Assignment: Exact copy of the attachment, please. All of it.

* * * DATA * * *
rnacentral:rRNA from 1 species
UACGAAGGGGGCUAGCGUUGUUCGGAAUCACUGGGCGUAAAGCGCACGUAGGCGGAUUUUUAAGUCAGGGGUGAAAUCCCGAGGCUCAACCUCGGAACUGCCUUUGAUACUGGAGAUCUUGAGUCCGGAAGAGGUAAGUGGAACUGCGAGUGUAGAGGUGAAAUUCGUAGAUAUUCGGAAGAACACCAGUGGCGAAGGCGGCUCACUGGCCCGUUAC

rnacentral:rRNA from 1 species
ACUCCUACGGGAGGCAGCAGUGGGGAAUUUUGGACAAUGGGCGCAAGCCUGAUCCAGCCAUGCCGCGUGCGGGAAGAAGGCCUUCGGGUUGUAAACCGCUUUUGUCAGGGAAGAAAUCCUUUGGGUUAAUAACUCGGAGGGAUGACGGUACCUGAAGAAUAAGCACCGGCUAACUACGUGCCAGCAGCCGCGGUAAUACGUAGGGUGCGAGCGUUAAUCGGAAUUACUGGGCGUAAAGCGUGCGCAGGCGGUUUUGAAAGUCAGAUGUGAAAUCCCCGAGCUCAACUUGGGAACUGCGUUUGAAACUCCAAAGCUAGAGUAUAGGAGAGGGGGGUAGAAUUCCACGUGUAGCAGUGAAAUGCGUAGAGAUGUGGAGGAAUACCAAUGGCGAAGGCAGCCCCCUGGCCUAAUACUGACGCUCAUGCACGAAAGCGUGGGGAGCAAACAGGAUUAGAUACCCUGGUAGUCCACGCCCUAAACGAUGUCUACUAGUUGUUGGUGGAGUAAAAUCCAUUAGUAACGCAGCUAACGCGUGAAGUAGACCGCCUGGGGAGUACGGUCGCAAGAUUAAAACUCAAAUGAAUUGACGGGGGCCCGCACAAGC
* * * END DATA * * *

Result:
rnacentral:rRNA from 1 species
UACGAAGGGGGCUAGCGUUGUUCGGAAUCACUGGGCGUAAAGCGCACGUAGGCGGAUUUUUAAGUCAGGGGUGAAAUCCCGAGGCUCAACCUCGGAACUGCCUUUGAUACUGGAGAUCUUGAGUCCGGAAGAGGUAAGUGGAACUGCGAGUGUAGAGGUGAAAUUCGUAGAUAUUCGGAAGAACACCAGUGGCGAAGGCGGCUCACUGGCCCGUUAC

rnacentral:rRNA from 1 species
ACUCCUACGGGAGGCAGCAGUGGGGAAUUUUGGACAAUGGGCGCAAGCCUGAUCCAGCCAUGCCGCGUGCGGGAAGAAGGCCUUCGGGUUGUAAACCGCUUUUGUCAGGGAAGAAAUCCUUUGGGUUAAUAACUCGGAGGGAUGACGGUACCUGAAGAAUAAGCACCGGCUAACUACGUGCCAGCAGCCGCGGUAAUACGUAGGGUGCGAGCGUUAAUCGGAAUUACUGGGCGUAAAGCGUGCGCAGGCGGUUUUGAAAGUCAGAUGUGAAAUCCCCGAGCUCAACUUGGGAACUGCGUUUGAAACUCCAAAGCUAGAGUAUAGGAGAGGGGGGUAGAAUUCCACGUGUAGCAGUGAAAUGCGUAGAGAUGUGGAGGAAUACCAAUGGCGAAGGCAGCCCCCUGGCCUAAUACUGACGCUCAUGCACGAAAGCGUGGGGAGCAAACAGGAUUAGAUACCCUGGUAGUCCACGCCCUAAACGAUGUCUACUAGUUGUUGGUGGAGUAAAAUCCAUUAGUAACGCAGCUAACGCGUGAAGUAGACCGCCUGGGGAGUACGGUCGCAAGAUUAAAACUCAAAUGAAUUGACGGGGGCCCGCACAAGC